The max has inherent design flaws - made by trying to cram enormous turbofan engines on a 60+ year old airframe design that was never intended to have the engines in this position/configuration. The result is that without significant computer input, the airplane is unflyable. Airlines taking delivery of this flying disaster in waiting will live to regret it, exponentially more than they already do. This “airplane” is Boeing’s commercial swan song.

  23. Luis Guest

    They have more seats at the expense of the galleys and nothing else. You should do your homework.

    1. TQH Guest

      That’s not true. To have this high pax count, they have to add another pair of exits between the overwing and the aft most exits. There are FAA and EASA rules on egress. There have to be enough space for proper evacuation. It’s a lot more than taking out the galleys. Don’t insult people. You don’t know what you are talking about.

  24. derac Guest

    They simply took those plastic seats you see on buses and rapid transit. It has been like riding a bus for years now.. they just made the experience more so.

  25. Milo Guest

    Legroom is a function of both seat pitch and seatback thickness. If the seatback is as thin as cardboard, a 28” seat pitch and provide as much legroom as 31” seat pitch with a 3” thick seatback.

    The most cramped economy seat I have ever been in was on a BA A380. That seatback must have been 5 inches thick, if not more.

    1. Andy Guest

      True that both are factors. However, there is no way to "gain" additional space with thinner seats, you just loose less space.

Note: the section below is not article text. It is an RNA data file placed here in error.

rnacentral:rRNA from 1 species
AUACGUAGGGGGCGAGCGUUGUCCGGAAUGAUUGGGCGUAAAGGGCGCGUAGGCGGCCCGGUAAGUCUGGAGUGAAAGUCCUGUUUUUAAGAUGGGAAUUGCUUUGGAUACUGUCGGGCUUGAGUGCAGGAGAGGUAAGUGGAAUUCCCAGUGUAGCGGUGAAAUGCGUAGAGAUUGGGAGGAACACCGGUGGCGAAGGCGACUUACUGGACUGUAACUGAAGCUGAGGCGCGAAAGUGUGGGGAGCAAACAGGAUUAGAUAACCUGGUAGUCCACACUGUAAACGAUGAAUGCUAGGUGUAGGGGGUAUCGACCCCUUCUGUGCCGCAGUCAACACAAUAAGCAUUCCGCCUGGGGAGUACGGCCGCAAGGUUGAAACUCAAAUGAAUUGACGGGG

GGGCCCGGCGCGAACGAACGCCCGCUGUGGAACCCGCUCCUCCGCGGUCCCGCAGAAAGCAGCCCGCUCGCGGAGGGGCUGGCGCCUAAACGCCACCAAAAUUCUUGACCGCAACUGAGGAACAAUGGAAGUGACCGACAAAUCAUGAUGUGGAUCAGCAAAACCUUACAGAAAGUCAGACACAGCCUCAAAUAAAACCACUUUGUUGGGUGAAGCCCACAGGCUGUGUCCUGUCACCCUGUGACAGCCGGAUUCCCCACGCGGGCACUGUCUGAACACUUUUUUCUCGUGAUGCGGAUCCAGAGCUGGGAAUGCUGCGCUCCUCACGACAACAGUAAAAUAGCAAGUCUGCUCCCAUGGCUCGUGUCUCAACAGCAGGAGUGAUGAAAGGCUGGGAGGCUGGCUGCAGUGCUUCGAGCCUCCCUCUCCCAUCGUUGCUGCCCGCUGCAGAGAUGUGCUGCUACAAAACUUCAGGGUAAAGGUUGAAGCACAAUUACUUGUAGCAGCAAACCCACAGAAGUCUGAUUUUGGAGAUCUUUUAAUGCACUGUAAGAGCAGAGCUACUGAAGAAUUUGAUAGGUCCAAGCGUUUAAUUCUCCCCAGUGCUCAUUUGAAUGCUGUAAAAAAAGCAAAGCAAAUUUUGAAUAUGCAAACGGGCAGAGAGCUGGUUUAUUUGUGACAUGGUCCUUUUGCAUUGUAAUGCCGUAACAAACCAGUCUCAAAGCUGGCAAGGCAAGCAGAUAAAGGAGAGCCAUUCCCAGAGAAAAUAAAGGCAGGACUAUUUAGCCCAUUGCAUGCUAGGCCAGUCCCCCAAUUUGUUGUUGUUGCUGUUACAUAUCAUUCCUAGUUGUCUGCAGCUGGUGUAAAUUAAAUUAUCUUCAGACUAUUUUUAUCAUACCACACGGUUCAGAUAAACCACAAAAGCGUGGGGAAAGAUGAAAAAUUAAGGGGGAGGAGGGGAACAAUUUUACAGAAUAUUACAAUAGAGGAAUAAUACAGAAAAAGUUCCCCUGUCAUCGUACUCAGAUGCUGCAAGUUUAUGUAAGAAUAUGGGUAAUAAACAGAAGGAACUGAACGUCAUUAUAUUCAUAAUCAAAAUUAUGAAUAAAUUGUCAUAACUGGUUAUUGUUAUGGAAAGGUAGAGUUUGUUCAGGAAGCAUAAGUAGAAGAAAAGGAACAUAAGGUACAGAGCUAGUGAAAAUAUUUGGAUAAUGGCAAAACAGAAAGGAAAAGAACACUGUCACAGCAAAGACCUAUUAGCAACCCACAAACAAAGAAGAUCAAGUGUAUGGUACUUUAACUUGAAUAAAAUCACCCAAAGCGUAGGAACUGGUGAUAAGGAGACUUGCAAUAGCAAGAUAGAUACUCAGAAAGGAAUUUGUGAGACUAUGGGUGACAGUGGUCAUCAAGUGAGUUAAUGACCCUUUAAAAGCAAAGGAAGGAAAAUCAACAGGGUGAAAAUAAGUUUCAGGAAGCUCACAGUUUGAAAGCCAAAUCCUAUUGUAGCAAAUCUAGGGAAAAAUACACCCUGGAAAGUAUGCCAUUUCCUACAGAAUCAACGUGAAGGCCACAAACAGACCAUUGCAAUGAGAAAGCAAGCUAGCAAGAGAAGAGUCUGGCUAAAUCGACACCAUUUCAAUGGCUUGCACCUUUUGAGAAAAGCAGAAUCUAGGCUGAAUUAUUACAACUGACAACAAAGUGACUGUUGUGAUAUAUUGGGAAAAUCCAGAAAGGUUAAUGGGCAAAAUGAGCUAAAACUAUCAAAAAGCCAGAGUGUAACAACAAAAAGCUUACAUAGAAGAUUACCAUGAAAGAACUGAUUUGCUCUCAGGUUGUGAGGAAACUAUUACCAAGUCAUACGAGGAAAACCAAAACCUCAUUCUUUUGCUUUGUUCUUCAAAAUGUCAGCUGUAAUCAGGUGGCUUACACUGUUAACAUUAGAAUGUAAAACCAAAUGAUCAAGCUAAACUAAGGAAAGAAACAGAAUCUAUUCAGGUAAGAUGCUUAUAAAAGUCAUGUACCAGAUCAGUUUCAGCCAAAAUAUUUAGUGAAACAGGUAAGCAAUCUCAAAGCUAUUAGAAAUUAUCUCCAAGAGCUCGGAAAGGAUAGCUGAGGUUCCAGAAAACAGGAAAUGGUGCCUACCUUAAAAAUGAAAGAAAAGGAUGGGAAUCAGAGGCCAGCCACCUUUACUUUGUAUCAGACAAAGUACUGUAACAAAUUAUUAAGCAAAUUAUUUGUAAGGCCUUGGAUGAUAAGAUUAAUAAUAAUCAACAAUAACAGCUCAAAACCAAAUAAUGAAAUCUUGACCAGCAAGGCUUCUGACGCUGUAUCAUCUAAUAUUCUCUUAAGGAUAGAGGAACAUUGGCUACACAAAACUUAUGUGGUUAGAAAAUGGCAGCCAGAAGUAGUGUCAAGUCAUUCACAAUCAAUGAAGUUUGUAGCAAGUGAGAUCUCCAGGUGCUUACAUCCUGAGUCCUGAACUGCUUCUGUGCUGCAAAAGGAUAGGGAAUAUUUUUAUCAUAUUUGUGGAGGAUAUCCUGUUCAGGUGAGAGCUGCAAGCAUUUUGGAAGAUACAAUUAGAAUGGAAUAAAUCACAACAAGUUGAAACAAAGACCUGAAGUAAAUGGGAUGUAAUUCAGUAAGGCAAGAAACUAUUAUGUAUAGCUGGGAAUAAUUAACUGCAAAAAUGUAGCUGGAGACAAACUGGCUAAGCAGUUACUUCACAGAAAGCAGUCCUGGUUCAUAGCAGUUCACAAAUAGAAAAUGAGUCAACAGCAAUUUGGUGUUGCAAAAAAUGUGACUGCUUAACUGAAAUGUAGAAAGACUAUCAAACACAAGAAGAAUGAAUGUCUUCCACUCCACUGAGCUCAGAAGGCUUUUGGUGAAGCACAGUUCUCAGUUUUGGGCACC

My upper thigh measures 29.8 inches, which definitely more than 28, i.e. regardless how thin the seat back is, I won't fit.

  26. James S Guest

    At least they added new exits. Too many times airlines cram in new people with tighter seats while claiming there is zero impact on safety because 30 years ago they did an evac test in a pool

  27. john Guest

    Kind of disappointed O'Leary didn't go for 200 seats.

    1. SD Ron New Member

      I believe that 200 seats would require another flight attendant.

  28. Tortuga Gold

    I couldn't even fly this configuration if I wanted to. My legs are up against the seatback at 30". Jeez.

  29. Kent Guest

    The recipient is Malta Air, and not Air Malta. The former is a JV between Ryan Air and the Maltese Govt. while the latter is the flagship carrier for Malta.

  30. AJO Guest

    The deliveries in the summer will not go to Air Malta (KM), which is the national carrier of Malta, but to Malta Air (AL), which is the Maltese Ryanair/Gov't of Malta joint venture.

Featured Comments Most helpful comments ( as chosen by the OMAAT community ).

The comments on this page have not been provided, reviewed, approved or otherwise endorsed by any advertiser, and it is not an advertiser's responsibility to ensure posts and/or questions are answered.

Juraj New Member

Historically, LCCs often offered slightly better seat pitch by virtue of having one class only. Given the hard limit on the number of seats, 189 evenly spaced seats on a 737-800 would naturally come to about 30" pitch. Ironically this is worse on aircraft with extra-legroom seats up front, since the extra space there needs to be compensated in economy. My most uncomfortable flight to-date was on an Iberia Express A320 with 28" pitch, whereas LCCs like Wizz Air, Easyjet or Volotea were all pretty comfortable by comparison.

2
Patrick Forer Guest

I love the typo in the quote from the Ryanair CEO... "GAMchanger" indeed. Once you've flown on the MAX 8 200, your legs, or 'gams' will never be the same! OUCH!

1
Andy Guest

True that both are factors. However, there is no way to "gain" additional space with thinner seats, you just loose less space. My upper thigh measures 29.8 inches, which definitely more than 28, i.e. regardless how thin the seat back is, I won't fit.

1
Meet Ben Schlappig, OMAAT Founder
4,523,713 Miles Traveled

25,807,500 Words Written

28,675 Posts Published